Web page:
Speaking at the Escambia County Emergency Operations Center in Pensacola on Monday, Gov. Rick Scott told Floridians to be prepared and gather plans to deal with potential emergencies.
“With the 2014 hurricane season underway, I want to encourage every family to get a plan,” Scott said on Monday. “Preparing for the upcoming hurricane season should be a priority for every Florida family, and we must take action now before it’s too late. Families should include important phone numbers and contact information for members of your family, as well as information on where you will go if there is a need to evacuate so you can meet your family if separated. While it has been 10 years since the 2004 hurricane season where Florida was hit by four different storms, we know it only takes one to devastate a community.”
Scott also noted that there is a tax holiday on hurricane supplies until June 8. Under the holiday, batteries, flashlights, first-aid kits and other supplies would be covered for the first two weeks of June. Hurricane season starts June 1 and ends on Nov. 30.
Bryan Koon, the director of the Florida Division of Emergency Management, said Floridians should learn local evaluation routes and storm surge zones.
“The Know Your Zone campaign encourages everyone to understand storm surge and evacuation zones,” said Koon. “Storm surge is a real danger, but it isn’t the only danger. Heed instructions from your local emergency officials when advised to evacuate. Even if you’re in an area that may not experience storm surge, you could be completely cut off from rescuers if you choose to stay.”
The leadership of the Florida National Guard said they were ready to take action in case of a major storm.
"Preparedness starts at home,” said Maj. Gen. Emmett R. Titshaw, Florida’s adjutant general. “Rest assured, however, that the Florida National Guard remains committed to our mission of protecting the lives and property of Florida citizens. We have more than 9,000 soldiers and airmen who have been trained for a wide range of life support, security and public safety tasks, and they are ready to respond when called upon by the governor."
The Florida Department of Environmental Protection also urged Floridians to be prepared during hurricane season.
“Sunday officially marked the start of the 2014 hurricane season," said DEP Secretary Herschel T. Vinyard on Monday. “While the 2013 Atlantic hurricane season was one of the slowest we've seen, there were three significant weather events that impacted Florida, including Tropical Storm Andrea. From experience, we understand that taking precautions and being prepared is vital to protecting Florida and its residents."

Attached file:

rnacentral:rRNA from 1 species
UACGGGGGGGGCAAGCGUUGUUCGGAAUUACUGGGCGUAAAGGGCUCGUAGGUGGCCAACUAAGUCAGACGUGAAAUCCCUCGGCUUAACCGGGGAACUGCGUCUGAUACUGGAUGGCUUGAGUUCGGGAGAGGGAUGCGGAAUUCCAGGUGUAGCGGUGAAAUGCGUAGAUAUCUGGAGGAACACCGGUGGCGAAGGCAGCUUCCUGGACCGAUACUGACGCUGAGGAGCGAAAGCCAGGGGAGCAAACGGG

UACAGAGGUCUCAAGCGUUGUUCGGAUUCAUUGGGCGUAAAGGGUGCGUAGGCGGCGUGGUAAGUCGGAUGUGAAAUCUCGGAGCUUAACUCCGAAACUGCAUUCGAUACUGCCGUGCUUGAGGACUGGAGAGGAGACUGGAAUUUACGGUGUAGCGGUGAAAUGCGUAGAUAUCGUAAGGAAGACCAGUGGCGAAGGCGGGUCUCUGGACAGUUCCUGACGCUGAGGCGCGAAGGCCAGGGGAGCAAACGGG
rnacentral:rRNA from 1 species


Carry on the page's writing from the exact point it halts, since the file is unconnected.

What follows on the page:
“Preparing chemicals and waste, planning for the effects of a storm, and communicating with the state before and after a storm are crucial steps for protecting Florida’s environment when a storm makes landfall,” said Gwen Keenan, director of DEP’s Office of Emergency Response. “While we may not be able to prevent damage like beach erosion from heavy rain and wind, the spill of hazardous chemicals can largely be stopped before it happens.”
“Predictions for the 2014 Atlantic hurricane season indicate the likelihood of a slow season, with NOAA projecting a normal to below-normal activity this year,” Keenan added. “Eight to 13 tropical storms are predicted, with three to six of them expected to become hurricanes. As many as two of them could be major hurricanes. Despite that prediction, no one should be complacent. 1992 was projected to be a slow year, but Hurricane Andrew roared ashore proving it only takes one storm to severely impact our state."
But even as hurricane season begins this week, Florida TaxWatch offered a warning that the Florida Hurricane Catastrophe Fund and Citizens Property Insurance Corp. need major reformation if a major storm hits.
"As a part of the $500 million tax cut passed by (the) Legislature and signed by Gov. Scott this past session, Floridians will get three opportunities to shop tax-free this summer,” Dominic Calabro, the president and CEO of Florida TaxWatch said on Friday. “Beginning tomorrow and lasting until June 8th, taxpayers will save their hard-earned dollars on hurricane preparedness items thanks to the first sales tax holiday. This sales tax holiday is a great way to provide broad-based tax relief for consumers while promoting safety as we enter a potentially devastating hurricane season, which begins on June 1.
"Just as the Legislature has thoughtfully empowered Florida's citizens to better protect themselves against Mother Nature's fury before a storm, lawmakers must do something to ensure they are protected after a storm hits, too,” Calabro added. “Since the devastating hurricane seasons of 2004 and 2005, Floridians have been fortunate to avoid a direct hurricane hit. Unfortunately, we are still paying for the storms that hit our shores 10 years ago, through assessments on our insurance policies."
"As this hurricane preparedness sales tax goes into effect and we start the 2014 hurricane season, I ask not only the citizens of Florida to protect themselves from the coming storms, but also the state to protect its citizens from a potential fiscal nightmare,” Calabro said in conclusion.
Florida TaxWatch released a study on the Cat Fund and Citizens which can be read here.
Kevin Derby can be reached at email@example.com.